Dog shows are a familiar, if odd, facet of American culture. Perfectly groomed, well-behaved dogs trot, fetch, sit, stay, and do just about anything else on command – and they typically seem pretty good-humored throughout.
Cats are a different breed altogether, as anyone can see within just a few moments of the Cat Fanciers’ Association cat show, going on this weekend at Earl Warren Showgrounds.
For one thing, cats do not perform to strangers – there’s a reason “herding cats” is a byword for futility. Looking disdainful and a touch grouchy, the cats at cat shows nap, eat, or glare in their enclosures, and when they’re moved to the judging area the air fills with plaintive mewing. One doesn’t need to speak cat to know they’re saying something along the lines of “Why are all these big apes watching me? And when can we go home?”
Not to imply, however, that the show felines are generally unhappy. In fact, you’d have to search far and wide to find a better cared for, better fed, or more beloved group of pets. They may spend a few hours a month being groomed, displayed, and examined, but overall they’re as pampered as cats can be – and they know it.
One breeder, who specializes in Norwegian Forest Cats, told me that cat fanciers can wait for years before being able to acquire the type of kitten they want. With that kind of effort, it’s no wonder that the cats are so well taken care of – not only are they lovely animals, but they’re valuable as well. The Norwegian Forest Cats in particular are difficult to get, partly because they’re so desirable as pets. Unlike many purebreds, the Norwegians haven’t been overbred, and are intelligent, mellow, healthy, and the show cats are more or less the same as the free-roaming Norwegian cats that evolved on their own.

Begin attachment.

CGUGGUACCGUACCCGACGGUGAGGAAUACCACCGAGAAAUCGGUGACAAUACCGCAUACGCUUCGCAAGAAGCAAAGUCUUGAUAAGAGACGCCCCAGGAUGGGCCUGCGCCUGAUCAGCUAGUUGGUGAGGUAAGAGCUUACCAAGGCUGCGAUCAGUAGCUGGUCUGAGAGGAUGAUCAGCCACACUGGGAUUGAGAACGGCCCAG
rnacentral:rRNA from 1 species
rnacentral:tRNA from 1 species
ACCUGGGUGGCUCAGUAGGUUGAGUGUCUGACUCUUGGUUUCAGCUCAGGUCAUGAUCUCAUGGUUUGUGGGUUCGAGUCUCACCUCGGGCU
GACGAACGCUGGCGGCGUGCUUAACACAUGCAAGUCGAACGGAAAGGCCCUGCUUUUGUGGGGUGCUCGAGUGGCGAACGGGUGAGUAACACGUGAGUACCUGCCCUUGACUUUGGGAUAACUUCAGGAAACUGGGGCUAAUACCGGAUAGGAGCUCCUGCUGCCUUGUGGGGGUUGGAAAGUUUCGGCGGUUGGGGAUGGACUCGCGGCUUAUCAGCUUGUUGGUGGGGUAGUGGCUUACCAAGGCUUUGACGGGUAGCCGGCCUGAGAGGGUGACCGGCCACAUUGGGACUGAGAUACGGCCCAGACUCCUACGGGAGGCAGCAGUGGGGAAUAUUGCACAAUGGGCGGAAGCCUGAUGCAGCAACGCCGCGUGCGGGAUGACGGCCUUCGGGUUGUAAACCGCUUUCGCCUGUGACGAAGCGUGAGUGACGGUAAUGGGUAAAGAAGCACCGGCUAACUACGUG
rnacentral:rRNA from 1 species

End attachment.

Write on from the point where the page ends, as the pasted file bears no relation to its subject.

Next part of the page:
Norwegians are, as their name might suggest, native to Norway, and are now that nation’s official cat. Viking ships took them aboard to keep the boats free of rats and mice, and supposedly Norwegians came to America with Leif Ericson, some remaining to breed with native cats and becoming the ancestors of the Maine Coon. The Viking Cat Club, an English group dedicated to the Norwegian, keeps the legend alive.
The Santa Barbara cat show features several Norwegian Forest Cats, one Maine Coon, and a dizzying variety of other breeds. Some, such as the American Curl, are known primarily for their physical features. Others, like the Turkish Van, are better known for their odd habits – the Turkish Van enjoys playing in water, and one breeder mentioned wiffle balls floating in a bathtub as one of her cats’ favorite activities.
One of the cat show’s big draws is, of course, the opportunity to see the variety of breeds out there, and simply to ooh and aah over the cuteness of the whole display. According to Bruce Eisenberg, one of the organizers of the event, Santa Barbara is one of the best places to put on a cat show as it’s a “good venue, very alive, and with great turnout.” Apparently, weird as it is, Santa Barbarans love a large room full of cats.
The Cat Fanciers’ Association cat show is Saturday and Sunday, October 11 and 12, at Earl Warren Showgrounds, from 10 a.m. to 6 p.m. each day. For more information, visit cfasouthwest.org.